In the meantime, Altman’s insights have fleshed out for me how long oppression and the iconic  Stonewall presaged AIDS. The sense of freedom brought by Stonewall did not bring with it a viable conception of what normal, i.e. non-oppressed, homosexual life might be like. It is only since the fits and starts of gay marriages that everyone, gay people as much as others, have discovered that there have always been quietly closeted long-term gay partnerships and families. That’s the context in which many gay men mis-interpreted “liberation” to call for excessive indulgence in what had previously been forbidden. Ironically they foreshadowed “HIV’s” latent period: the 10-15 years between Stonewall and AIDS represent the average incubation period for the “side” effects of promiscuous drug abuse and irresponsible sex to result in destruction of the immune system.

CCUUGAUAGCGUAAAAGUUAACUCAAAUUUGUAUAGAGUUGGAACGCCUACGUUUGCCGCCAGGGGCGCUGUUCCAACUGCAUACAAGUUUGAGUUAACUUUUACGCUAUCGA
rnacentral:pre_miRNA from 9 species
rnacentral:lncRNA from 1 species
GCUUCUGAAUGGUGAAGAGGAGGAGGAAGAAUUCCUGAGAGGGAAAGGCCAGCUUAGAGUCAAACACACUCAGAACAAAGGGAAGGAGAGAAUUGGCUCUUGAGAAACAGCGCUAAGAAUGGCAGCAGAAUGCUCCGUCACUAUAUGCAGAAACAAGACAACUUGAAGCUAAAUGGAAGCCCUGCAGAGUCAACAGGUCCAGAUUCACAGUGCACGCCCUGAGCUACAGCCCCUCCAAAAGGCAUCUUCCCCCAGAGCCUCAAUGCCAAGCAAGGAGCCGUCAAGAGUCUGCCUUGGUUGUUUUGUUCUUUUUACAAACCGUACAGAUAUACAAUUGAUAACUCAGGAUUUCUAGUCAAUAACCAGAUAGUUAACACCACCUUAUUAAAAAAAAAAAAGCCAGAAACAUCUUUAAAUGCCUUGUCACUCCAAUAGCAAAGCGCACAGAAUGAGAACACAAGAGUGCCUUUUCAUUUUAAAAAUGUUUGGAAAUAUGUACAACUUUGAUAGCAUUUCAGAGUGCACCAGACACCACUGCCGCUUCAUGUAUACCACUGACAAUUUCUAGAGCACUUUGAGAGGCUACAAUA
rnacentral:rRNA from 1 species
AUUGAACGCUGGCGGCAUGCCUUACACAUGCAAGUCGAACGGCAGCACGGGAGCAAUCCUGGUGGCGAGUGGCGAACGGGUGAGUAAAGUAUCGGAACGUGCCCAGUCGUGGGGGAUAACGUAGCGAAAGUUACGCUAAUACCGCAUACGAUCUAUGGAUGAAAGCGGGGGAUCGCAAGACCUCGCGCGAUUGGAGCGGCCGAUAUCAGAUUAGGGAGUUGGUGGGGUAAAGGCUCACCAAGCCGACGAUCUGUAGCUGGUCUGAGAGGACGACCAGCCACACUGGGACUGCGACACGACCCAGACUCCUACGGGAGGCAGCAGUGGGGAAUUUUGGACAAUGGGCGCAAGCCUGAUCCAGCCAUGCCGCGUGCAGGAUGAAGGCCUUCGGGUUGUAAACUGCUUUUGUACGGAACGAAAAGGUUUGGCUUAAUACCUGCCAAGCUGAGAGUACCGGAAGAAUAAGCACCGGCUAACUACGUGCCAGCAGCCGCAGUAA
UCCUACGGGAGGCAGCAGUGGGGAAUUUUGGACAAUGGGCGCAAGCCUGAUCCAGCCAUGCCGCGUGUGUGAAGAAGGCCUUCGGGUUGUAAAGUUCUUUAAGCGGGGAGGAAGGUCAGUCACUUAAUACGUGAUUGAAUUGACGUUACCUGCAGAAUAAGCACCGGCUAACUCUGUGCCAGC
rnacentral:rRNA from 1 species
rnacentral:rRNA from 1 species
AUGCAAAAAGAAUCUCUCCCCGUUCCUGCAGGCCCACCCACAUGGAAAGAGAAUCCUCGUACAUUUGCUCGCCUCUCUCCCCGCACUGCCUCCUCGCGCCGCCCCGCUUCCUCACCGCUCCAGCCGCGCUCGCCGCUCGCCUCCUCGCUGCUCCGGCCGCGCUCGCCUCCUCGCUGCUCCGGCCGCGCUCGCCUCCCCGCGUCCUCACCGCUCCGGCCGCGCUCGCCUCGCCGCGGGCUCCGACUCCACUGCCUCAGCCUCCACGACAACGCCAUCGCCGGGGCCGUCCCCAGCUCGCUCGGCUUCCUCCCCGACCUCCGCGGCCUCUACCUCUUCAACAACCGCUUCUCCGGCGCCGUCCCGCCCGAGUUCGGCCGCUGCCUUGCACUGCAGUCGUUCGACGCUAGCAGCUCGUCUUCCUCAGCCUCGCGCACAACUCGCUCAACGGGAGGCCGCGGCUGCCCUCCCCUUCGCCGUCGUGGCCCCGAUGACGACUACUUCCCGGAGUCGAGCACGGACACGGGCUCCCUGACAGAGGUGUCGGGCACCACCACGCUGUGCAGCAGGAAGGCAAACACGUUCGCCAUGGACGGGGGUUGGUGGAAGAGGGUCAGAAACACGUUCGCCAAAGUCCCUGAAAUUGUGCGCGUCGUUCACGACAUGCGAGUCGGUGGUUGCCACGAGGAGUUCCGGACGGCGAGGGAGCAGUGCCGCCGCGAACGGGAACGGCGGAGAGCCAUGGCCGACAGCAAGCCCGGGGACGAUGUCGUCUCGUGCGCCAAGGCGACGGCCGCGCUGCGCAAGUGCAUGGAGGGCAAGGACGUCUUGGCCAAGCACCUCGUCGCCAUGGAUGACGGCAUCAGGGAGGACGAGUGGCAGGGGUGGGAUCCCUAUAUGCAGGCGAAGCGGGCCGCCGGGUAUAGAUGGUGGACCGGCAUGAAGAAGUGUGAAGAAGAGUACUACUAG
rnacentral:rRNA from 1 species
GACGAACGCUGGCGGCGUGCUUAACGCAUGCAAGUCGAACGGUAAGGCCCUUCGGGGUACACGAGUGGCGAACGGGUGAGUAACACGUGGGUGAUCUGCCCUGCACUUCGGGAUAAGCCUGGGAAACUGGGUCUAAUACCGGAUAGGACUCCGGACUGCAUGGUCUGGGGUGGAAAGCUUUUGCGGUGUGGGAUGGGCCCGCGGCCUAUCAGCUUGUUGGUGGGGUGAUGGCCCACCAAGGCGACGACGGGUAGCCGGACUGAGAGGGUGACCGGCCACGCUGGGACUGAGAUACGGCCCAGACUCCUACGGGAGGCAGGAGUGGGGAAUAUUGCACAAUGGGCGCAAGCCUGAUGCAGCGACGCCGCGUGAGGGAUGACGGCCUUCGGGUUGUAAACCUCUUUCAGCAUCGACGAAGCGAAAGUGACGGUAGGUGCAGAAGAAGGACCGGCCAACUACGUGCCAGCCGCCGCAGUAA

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(1) John Lauritsen, The AIDS war: propaganda, profiteering and genocide from the medical-industrial complex, ASKLEPIOS, 1993; ISBN 0–943742–08–0.
(2) Cited in Neville Hodgkinson, AIDS: The failure of contemporary science, Fourth Estate, 1996, p. 103.
(3) Larry Kramer, Faggots, Random House, 1978.
(4) Michael Callen, Surviving AIDS, HarperCollins, 1990.
(5) Henry H. Bauer, The Origin, Persistence and Failings of HIV/AIDS Theory, McFarland, 2007, pp. 119-20
(6) Homocaust: The gay victims of the Holocaust.
(7) Michelle Cochrane, When AIDS began: San Francisco and the making of an epidemic, Routledge, 2004.
(8) David F. Greenberg, The Construction of Homosexuality, University of Chicago Press, 1988.
(9) http://www.urbandictionary.com/define.php?term=booty%20call